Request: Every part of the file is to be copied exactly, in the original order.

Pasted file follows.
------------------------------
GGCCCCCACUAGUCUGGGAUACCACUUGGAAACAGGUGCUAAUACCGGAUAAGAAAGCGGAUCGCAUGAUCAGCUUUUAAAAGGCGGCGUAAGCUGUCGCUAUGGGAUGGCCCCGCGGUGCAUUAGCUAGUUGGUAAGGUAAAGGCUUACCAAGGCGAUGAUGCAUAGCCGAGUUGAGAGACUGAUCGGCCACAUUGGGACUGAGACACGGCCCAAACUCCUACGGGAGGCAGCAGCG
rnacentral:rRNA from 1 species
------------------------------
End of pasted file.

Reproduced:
GGCCCCCACUAGUCUGGGAUACCACUUGGAAACAGGUGCUAAUACCGGAUAAGAAAGCGGAUCGCAUGAUCAGCUUUUAAAAGGCGGCGUAAGCUGUCGCUAUGGGAUGGCCCCGCGGUGCAUUAGCUAGUUGGUAAGGUAAAGGCUUACCAAGGCGAUGAUGCAUAGCCGAGUUGAGAGACUGAUCGGCCACAUUGGGACUGAGACACGGCCCAAACUCCUACGGGAGGCAGCAGCG
rnacentral:rRNA from 1 species